It’s a troubling conclusion but an inescapable one. Here’s the central question: why did the Inquisition come into being when it did? Intolerance, hatred and suspicion of one group by another had always existed. Throughout history, these realities had led to persecution and violence. But the ability to sustain a persecution – to give it staying power by giving it an institutional life – did not appear until the Middle Ages. Until then, the tools to stoke and manage those embers of hatred did not exist. Once the tools do exist, inquisitions become a fact of life. They are not confined to religion; they are political as well. The targets can be large or small. An inquisition impulse can quietly take root in the very systems of government and civil society that order our lives.
The tools are these: there needs to be a system of law, and the means to administer it with a certain amount of uniformity. Techniques must be developed for conducting interrogations and extracting information. Procedures must exist for record-keeping, and for retrieving information after records have been compiled and stored. An administrative mechanism – a bureaucracy – is required, along with a cadre of trained people to staff it. There must be an ability to send messages across significant distances, and also an ability to restrict the communications of others – in a word, censorship.
The Inquisition was built on all of these capabilities. The new universities brought order to canon law, defining heresy with precision and therefore defining who was “inside” and who was “outside”. The Church bureaucracy became professional; papal chanceries turned out perhaps 300 letters in 1200 and 50,000 a century later. Inquisitors learned how to organise their documents and make them searchable; a person’s testimony to one tribunal could be known to another tribunal decades later. Interrogation manuals, like the famous Practica written by Bernard Gui, were drawn up to instruct inquisitors on how to question the accused – the tricks to use, the psychology to employ. The resemblance to the modern manuals for military personnel and intelligence operatives is hard to miss. As a supplement to interrogation, torture became systematic – subject to rules, perhaps, but rules that proved elastic, as they always do.
So the tools were new. The precipitating mindset was age-old: the conviction that one is absolutely right. Cardinal Alfredo Ottaviani, the prefect of the Holy Office through most of the 1960s, adopted as his motto the Latin phrase Semper idem – “Always the same”. The inquisitors shared an outlook of moral certainty. In a world of moral certainty, the unthinkable becomes permissible. The sanctity of private conscience is no longer deemed inviolate. Techniques for ensnaring the innocent in scenarios of scripted guilt become increasingly sophisticated. A Franciscan inquisitor once confided to King Philip IV of France, in the early 14th century, that if Saints Peter and Paul had appeared before his tribunal, he had no doubt that the techniques he employed would be able to secure their convictions.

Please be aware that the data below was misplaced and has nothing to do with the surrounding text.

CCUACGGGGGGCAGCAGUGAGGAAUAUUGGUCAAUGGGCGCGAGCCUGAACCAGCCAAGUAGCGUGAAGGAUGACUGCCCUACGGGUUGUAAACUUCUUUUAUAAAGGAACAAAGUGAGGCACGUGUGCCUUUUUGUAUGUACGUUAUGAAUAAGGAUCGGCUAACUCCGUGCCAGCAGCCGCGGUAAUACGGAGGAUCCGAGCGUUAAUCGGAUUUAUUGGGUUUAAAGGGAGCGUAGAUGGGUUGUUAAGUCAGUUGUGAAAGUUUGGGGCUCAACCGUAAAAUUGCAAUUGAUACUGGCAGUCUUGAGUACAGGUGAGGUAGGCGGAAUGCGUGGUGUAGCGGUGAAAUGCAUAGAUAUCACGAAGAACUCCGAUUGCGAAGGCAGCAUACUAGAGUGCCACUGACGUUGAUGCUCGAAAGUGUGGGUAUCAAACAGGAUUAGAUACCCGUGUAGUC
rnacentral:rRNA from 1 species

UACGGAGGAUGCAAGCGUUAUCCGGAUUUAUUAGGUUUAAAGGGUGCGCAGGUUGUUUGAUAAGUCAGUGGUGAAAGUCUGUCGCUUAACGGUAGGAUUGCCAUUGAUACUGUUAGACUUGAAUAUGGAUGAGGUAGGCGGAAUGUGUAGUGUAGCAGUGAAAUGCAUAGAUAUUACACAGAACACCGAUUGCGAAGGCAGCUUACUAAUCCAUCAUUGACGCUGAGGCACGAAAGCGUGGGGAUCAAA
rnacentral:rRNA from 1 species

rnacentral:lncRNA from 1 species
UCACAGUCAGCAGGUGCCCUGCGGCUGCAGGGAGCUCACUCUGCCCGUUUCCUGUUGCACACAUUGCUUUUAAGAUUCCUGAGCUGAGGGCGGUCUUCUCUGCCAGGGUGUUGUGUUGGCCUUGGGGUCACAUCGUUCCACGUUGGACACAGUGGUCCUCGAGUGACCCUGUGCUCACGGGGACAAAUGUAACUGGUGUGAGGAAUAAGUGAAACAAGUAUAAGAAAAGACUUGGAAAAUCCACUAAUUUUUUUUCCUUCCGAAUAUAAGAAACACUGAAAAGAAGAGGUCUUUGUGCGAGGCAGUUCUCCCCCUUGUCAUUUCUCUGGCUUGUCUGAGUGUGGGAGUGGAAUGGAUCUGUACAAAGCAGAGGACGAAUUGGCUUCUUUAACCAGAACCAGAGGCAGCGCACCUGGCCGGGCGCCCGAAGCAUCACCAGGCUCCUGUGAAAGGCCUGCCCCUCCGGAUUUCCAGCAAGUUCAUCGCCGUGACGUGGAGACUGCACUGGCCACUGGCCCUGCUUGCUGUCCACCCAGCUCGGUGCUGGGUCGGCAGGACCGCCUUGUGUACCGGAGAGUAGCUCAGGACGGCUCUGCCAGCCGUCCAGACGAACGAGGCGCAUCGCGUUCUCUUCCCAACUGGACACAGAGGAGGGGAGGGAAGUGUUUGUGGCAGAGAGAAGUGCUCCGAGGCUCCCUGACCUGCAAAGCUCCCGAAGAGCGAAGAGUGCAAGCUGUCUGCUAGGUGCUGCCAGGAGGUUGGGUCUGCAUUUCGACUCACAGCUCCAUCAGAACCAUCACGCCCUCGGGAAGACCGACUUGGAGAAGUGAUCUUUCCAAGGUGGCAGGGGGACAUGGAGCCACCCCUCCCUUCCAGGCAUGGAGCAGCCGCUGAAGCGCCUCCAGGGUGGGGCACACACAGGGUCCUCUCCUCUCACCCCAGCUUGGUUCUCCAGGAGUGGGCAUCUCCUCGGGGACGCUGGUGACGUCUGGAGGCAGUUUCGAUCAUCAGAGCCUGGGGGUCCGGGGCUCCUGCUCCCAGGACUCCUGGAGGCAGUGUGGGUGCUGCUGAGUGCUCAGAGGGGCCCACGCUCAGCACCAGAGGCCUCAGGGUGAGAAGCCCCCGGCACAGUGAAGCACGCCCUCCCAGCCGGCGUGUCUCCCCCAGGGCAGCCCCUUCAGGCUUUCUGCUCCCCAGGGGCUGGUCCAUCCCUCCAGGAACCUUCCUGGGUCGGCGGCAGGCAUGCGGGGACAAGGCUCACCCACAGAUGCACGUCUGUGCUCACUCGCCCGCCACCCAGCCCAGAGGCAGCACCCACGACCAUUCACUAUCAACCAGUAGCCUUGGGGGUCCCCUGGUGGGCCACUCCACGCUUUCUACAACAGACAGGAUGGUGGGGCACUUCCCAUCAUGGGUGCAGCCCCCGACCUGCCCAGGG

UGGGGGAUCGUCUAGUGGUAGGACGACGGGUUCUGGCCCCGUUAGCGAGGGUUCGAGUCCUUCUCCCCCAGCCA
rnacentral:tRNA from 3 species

It all sounds very medieval. But it’s not merely medieval. Scholars may debate whether there truly is such a thing as a “totalitarian” state, and what its characteristics are, but the desire to control the thoughts and behaviour of others – joined to a belief that God or history will render an approving judgement – underlies much of the sad narrative of the past hundred years: the police states, the dirty wars, the ethnic cleansing, the internments, the renditions, the Red Scares, the fatwas, the special prosecutors, the electronic surveillance, the encroachments accomplished in name of national security.
One day, in the archives, I came across two polished wooden boxes, resembling old library card-catalogue drawers, with hinged wooden tops. The boxes rested one above the other on a wooden rack. Inside each box, well-worn index cards ran its length, their upper edges velvety from use. It was the catalogue of the Index of Forbidden Books, the very last one, issued in the 1940s. (After 400 years, the Index was formally discontinued in 1966.) The boxes seemed so antique; the musty smell evoked yesteryear. But was this effort any different, fundamentally, from China’s Great Firewall?
What separates an inquisition from other forms of intolerance is its staying power. It gets institutional support. It goes on and on. Today, the basic elements that can sustain inquisitorial behaviour are more prevalent and entrenched, by many orders of magnitude, than they were in the days of Bernard Gui or Tomás de Torquemada. None of them will decline in significance in the years ahead. They will only become more powerful.
Looking at the Inquisition, one sees the West crossing a threshold from one kind of world into another. Persecution acquired a modern platform – the advantages afforded by a growing web of standardised law, communications, administrative supervision and controlled mechanisms of force. It was run not merely by warriors but by an educated elite; not merely by thugs but by skilled professionals. Every subsequent outbreak of persecution, political or religious, has been abetted by these same forces. They ensure that the basic trajectory of repression will always look remarkably the same. They suggest why persecution is so difficult to stop. And they help explain why the Inquisition template has translated so easily from the religious sphere into the world of secular governments and secular ideologies. Through the lens of the Inquisition we can glimpse the world we inhabit now.
When the Inquisition’s palazzo was built, in the mid-16th century, the Pope ordered words to be carved in a marble scroll over the front door – a kind of mission statement – establishing the building as a “bulwark against heretical depravity”. The words are gone now, removed by French troops during Napoleon’s occupation. It’s easy enough to remove some words – harder to erase a legacy.
Cullen Murphy’s new book God’s Jury: The Inquisition and the Making of the Modern World will be published by Allen Lane in January.